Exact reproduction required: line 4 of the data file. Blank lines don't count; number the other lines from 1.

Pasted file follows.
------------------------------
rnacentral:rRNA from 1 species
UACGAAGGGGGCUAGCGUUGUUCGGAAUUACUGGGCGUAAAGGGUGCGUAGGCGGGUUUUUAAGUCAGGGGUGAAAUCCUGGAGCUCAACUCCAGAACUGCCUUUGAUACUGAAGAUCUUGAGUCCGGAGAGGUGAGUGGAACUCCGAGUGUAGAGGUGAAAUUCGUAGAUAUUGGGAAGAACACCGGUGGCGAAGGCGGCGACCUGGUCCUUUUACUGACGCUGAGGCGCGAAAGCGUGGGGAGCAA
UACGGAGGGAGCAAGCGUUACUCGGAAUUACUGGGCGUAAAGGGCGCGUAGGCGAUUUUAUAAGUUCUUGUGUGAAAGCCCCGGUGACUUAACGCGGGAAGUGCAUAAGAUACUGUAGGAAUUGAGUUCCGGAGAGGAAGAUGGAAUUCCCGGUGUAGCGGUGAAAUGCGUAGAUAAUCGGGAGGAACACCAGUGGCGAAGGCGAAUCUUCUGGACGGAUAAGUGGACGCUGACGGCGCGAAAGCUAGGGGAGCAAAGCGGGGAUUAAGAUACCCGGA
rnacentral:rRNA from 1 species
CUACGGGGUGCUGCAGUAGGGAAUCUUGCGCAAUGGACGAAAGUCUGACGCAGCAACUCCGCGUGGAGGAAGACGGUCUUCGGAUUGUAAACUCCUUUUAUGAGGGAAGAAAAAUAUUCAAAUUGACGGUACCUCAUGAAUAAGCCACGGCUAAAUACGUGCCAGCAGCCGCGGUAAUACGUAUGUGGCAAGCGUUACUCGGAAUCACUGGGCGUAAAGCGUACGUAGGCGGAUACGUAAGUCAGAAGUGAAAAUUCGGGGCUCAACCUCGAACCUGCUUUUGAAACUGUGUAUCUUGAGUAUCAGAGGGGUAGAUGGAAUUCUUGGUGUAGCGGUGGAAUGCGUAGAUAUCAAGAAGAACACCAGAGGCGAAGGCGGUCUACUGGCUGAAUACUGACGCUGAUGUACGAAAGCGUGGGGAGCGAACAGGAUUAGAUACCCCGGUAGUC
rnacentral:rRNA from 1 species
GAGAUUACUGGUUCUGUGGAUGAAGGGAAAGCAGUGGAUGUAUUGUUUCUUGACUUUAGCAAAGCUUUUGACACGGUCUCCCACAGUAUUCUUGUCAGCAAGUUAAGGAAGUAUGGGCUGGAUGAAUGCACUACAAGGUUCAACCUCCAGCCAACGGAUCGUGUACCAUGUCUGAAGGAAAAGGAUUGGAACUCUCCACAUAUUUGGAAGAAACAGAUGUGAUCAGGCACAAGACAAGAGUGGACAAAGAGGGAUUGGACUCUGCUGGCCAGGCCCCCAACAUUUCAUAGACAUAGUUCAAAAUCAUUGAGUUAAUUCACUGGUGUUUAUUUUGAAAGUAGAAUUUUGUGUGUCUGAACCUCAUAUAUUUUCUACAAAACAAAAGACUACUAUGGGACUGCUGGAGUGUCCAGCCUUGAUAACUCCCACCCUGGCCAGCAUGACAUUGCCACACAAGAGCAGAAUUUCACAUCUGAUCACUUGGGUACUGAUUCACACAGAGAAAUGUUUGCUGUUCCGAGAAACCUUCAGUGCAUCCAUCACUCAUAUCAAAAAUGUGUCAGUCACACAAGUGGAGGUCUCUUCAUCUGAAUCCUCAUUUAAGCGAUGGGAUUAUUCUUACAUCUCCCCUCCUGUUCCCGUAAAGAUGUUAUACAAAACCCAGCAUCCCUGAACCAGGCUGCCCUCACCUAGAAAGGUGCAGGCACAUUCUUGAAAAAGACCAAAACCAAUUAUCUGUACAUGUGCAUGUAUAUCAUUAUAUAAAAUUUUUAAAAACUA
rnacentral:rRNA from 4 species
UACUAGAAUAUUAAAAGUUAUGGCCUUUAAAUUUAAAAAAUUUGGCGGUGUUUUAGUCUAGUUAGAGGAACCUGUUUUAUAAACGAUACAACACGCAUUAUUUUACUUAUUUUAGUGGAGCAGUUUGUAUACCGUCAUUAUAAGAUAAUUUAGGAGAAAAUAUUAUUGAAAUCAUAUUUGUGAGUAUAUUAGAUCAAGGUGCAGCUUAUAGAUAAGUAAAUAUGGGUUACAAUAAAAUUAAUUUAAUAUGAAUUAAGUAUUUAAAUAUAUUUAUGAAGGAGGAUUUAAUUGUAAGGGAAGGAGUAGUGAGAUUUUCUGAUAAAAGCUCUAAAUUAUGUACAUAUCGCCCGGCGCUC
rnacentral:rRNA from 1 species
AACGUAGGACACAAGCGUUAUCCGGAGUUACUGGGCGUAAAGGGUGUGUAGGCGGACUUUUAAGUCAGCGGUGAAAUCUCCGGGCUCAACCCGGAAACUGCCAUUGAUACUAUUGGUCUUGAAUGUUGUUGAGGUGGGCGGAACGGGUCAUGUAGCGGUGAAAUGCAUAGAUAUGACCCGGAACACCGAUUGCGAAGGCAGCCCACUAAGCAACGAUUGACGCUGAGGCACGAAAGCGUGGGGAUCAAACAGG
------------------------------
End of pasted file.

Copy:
rnacentral:rRNA from 1 species